Tuesday 27 September 2016

Jobs boom in the City as salaries surge most in a year

Ambereen Choudhury

Published 18/08/2015 | 02:30

UK banks are hiring in compliance functions to meet new regulations, while cutting jobs to reshape their investment banks and trading operations.
UK banks are hiring in compliance functions to meet new regulations, while cutting jobs to reshape their investment banks and trading operations.

Job vacancies in London's financial-services industry increased by 17pc in July, as pay rose the most in at least a year, according to a recruitment firm.

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Job openings in the UK capital's financial districts climbed to 10,920 last month from 9,315 a year earlier, recruitment firm Morgan McKinley said yesterday.

Starting salaries increased by 22pc on average, the most in at least 12 months, the survey shows.

"Some employees are also taking advantage of the quieter months to renegotiate their compensation packages," Hakan Enver, operations director at Morgan McKinley Financial Services, said.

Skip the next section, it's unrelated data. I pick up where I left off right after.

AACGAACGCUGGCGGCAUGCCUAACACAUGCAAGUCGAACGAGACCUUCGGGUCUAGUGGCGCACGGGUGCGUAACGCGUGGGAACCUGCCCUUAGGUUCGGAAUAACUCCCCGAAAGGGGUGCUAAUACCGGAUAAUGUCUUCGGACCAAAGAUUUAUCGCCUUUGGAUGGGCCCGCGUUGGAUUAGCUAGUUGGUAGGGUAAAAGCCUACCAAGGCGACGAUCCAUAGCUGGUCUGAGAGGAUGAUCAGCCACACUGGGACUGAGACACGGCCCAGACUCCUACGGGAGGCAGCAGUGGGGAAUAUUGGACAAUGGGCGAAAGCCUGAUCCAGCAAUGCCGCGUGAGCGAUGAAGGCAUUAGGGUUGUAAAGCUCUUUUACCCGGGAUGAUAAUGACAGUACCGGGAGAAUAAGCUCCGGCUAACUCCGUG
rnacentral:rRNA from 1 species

"We've seen some staff ask for a raise accompanied with the threat of changing employers," he added.

UK banks are hiring in compliance functions to meet new regulations, while cutting jobs to reshape their investment banks and trading operations.

Barclays cut 150 employees at its investment bank in July, while HSBC recruited more than 2,200 staff this year to monitor internal processes.

Overall, British wage growth fell to a three-month low in June and rapid gains in employment seen over the past couple of years ground to a halt, official figures showed.

Headline annual earnings growth fell sharply to 2.4pc in the three months to June from 3.2pc in the three months to May, the Office for National Statistics said, after a fall in bonuses took a bigger toll than economists had forecast. The ONS said the figures strengthen the possibility that "the jobs market is levelling off".

The unemployment rate held steady at 5.6pc after an unexpected rise in the three months to May,

(Bloomberg)

Irish Independent

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